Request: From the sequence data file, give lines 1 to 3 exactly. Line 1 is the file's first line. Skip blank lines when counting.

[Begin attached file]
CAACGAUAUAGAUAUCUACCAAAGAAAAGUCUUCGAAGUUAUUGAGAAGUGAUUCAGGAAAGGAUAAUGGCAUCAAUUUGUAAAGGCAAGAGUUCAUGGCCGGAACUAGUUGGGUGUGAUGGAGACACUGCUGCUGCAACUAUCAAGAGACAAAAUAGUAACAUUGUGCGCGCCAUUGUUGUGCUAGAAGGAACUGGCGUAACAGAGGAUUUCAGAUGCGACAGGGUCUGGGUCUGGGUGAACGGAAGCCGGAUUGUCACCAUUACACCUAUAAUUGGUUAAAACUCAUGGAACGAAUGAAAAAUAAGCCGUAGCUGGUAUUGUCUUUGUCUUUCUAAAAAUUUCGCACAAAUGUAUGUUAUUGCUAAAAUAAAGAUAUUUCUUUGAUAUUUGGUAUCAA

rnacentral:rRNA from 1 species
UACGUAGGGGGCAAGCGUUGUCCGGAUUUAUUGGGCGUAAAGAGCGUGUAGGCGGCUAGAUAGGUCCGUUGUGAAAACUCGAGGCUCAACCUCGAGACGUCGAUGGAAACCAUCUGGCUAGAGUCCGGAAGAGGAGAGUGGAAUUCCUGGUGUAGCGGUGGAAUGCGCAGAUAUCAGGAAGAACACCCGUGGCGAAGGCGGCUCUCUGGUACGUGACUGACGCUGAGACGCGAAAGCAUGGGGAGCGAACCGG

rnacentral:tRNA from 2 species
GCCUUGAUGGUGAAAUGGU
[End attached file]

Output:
CAACGAUAUAGAUAUCUACCAAAGAAAAGUCUUCGAAGUUAUUGAGAAGUGAUUCAGGAAAGGAUAAUGGCAUCAAUUUGUAAAGGCAAGAGUUCAUGGCCGGAACUAGUUGGGUGUGAUGGAGACACUGCUGCUGCAACUAUCAAGAGACAAAAUAGUAACAUUGUGCGCGCCAUUGUUGUGCUAGAAGGAACUGGCGUAACAGAGGAUUUCAGAUGCGACAGGGUCUGGGUCUGGGUGAACGGAAGCCGGAUUGUCACCAUUACACCUAUAAUUGGUUAAAACUCAUGGAACGAAUGAAAAAUAAGCCGUAGCUGGUAUUGUCUUUGUCUUUCUAAAAAUUUCGCACAAAUGUAUGUUAUUGCUAAAAUAAAGAUAUUUCUUUGAUAUUUGGUAUCAA

rnacentral:rRNA from 1 species
UACGUAGGGGGCAAGCGUUGUCCGGAUUUAUUGGGCGUAAAGAGCGUGUAGGCGGCUAGAUAGGUCCGUUGUGAAAACUCGAGGCUCAACCUCGAGACGUCGAUGGAAACCAUCUGGCUAGAGUCCGGAAGAGGAGAGUGGAAUUCCUGGUGUAGCGGUGGAAUGCGCAGAUAUCAGGAAGAACACCCGUGGCGAAGGCGGCUCUCUGGUACGUGACUGACGCUGAGACGCGAAAGCAUGGGGAGCGAACCGG